Public and private risk sharing in the financing of low- emitting urban infrastructure projects: The case of CDM projects in the waste sector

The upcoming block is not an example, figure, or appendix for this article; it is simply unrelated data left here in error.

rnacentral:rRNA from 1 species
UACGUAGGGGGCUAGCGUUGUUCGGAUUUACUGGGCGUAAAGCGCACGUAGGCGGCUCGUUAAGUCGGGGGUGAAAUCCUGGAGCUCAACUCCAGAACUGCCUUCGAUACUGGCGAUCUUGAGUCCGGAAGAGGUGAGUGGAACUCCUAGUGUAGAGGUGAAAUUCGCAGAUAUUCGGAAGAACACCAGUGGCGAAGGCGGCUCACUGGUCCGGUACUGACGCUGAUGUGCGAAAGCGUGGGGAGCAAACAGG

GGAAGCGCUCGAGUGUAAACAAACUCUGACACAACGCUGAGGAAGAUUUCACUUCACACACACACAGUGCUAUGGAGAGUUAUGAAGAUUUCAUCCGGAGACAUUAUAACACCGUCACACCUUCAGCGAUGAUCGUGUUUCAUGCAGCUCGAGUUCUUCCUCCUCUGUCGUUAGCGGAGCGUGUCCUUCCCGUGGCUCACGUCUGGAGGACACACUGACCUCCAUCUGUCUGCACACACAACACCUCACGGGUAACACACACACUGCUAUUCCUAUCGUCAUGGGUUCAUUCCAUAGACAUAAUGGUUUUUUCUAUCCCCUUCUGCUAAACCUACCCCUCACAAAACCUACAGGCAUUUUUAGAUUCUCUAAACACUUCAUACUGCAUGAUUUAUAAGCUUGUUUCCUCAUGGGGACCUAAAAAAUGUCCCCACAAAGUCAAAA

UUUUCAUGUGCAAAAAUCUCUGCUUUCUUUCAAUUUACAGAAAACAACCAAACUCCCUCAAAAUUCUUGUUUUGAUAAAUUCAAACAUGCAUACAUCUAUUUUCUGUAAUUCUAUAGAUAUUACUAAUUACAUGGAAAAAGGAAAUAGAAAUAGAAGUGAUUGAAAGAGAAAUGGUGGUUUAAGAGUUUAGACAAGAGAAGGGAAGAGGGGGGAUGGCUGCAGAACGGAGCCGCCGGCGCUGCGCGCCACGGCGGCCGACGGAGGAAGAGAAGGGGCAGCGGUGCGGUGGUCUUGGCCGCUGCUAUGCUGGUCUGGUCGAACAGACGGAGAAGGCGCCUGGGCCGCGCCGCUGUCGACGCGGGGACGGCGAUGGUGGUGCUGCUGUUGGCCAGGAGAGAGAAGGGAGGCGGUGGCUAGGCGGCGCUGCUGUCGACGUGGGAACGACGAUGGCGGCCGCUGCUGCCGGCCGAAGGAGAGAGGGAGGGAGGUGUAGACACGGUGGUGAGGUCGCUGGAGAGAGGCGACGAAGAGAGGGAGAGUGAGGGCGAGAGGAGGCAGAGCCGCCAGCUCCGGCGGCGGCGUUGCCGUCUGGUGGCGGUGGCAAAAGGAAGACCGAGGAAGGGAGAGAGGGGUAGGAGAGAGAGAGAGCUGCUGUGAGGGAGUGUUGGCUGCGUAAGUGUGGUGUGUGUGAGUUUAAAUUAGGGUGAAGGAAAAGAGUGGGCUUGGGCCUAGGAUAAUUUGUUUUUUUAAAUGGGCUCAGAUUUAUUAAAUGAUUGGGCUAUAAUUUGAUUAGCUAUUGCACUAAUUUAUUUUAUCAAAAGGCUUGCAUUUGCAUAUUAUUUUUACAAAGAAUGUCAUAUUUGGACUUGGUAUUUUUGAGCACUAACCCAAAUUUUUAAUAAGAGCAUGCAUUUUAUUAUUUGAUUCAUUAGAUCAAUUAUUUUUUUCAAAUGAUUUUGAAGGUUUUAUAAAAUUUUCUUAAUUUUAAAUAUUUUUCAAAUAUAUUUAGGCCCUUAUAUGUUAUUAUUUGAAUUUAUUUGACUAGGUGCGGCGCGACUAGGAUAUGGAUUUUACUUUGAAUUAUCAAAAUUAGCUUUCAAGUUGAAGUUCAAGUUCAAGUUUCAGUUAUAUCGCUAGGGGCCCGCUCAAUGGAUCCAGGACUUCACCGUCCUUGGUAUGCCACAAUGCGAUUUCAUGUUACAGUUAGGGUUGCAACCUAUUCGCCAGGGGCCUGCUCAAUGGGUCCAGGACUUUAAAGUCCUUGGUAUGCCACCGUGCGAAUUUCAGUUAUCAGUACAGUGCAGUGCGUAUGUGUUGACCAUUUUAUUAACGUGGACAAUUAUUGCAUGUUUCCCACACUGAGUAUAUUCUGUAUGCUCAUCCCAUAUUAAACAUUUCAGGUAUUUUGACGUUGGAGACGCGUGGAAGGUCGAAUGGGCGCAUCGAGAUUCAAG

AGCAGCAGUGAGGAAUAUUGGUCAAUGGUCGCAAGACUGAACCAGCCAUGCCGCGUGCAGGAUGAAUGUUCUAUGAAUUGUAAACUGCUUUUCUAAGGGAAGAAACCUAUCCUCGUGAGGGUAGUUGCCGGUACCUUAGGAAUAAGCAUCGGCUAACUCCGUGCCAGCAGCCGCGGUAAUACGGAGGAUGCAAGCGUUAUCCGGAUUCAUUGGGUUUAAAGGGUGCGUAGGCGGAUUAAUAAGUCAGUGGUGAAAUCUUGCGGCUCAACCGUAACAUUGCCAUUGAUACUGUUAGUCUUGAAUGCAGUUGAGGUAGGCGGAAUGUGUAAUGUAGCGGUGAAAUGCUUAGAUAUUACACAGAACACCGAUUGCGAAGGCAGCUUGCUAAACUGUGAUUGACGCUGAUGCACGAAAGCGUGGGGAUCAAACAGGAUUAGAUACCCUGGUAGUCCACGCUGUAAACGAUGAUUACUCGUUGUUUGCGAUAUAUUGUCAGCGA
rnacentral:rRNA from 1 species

Low CO2 emitting urban infrastructure projects are expected to play an important role in mitigating climate change. By enabling projects to sell their CO2 emission reductions on the international carbon market, the Clean Development Mechanism (CDM) turns the positive environmental benefits of such projects into financial cash flows. However, investors and lenders to these projects frequently face significant financial risks relating to the realisation of these cash flows, reducing the attractiveness of such projects for investors. This paper both identifies and proposes ways of mitigating project and partnership risks of CDM projects in the waste sector based on a literature review and several examples of CDM projects. The paper concludes that public-private partnerships and the integration of external financial institutions can be used to mitigate certain exogenous and endogenous project risks by allocating them to that partner (public project sponsor, private operator or external investors and lenders) who has private information on these risks or is most capable of assuming the risks. However, the relationship structures of the projects will become more complex. Partnership risks arise, which concern the distribution of carbon revenues between the partners. These risks differ from one contract type to the other. A concession contract (which allocates the carbon revenues directly to the contracted private operator) can be preferred against a management contract (under which the operator is remunerated by a management fee) as this aligns the incentives between builder and operator of the infrastructure and mitigates partnership risks. Public and private financial institutions can assume project risks. Bank debt may be preferred over external equity as it increases the efforts of the operator in terms of CO2 emission reductions.
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